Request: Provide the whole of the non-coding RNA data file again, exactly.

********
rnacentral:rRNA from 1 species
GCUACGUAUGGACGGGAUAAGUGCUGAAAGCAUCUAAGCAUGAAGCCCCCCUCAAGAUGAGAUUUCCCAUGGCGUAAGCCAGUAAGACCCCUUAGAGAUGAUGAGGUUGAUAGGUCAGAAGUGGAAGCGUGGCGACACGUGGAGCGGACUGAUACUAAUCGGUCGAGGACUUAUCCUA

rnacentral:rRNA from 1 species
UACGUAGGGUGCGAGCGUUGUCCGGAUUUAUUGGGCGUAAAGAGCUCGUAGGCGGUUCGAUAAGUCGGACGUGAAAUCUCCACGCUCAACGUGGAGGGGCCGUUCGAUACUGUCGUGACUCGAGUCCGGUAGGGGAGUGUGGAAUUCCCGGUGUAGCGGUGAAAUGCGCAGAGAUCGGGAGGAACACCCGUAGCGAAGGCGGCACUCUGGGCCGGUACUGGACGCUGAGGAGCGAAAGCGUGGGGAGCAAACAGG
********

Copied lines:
rnacentral:rRNA from 1 species
GCUACGUAUGGACGGGAUAAGUGCUGAAAGCAUCUAAGCAUGAAGCCCCCCUCAAGAUGAGAUUUCCCAUGGCGUAAGCCAGUAAGACCCCUUAGAGAUGAUGAGGUUGAUAGGUCAGAAGUGGAAGCGUGGCGACACGUGGAGCGGACUGAUACUAAUCGGUCGAGGACUUAUCCUA

rnacentral:rRNA from 1 species
UACGUAGGGUGCGAGCGUUGUCCGGAUUUAUUGGGCGUAAAGAGCUCGUAGGCGGUUCGAUAAGUCGGACGUGAAAUCUCCACGCUCAACGUGGAGGGGCCGUUCGAUACUGUCGUGACUCGAGUCCGGUAGGGGAGUGUGGAAUUCCCGGUGUAGCGGUGAAAUGCGCAGAGAUCGGGAGGAACACCCGUAGCGAAGGCGGCACUCUGGGCCGGUACUGGACGCUGAGGAGCGAAAGCGUGGGGAGCAAACAGG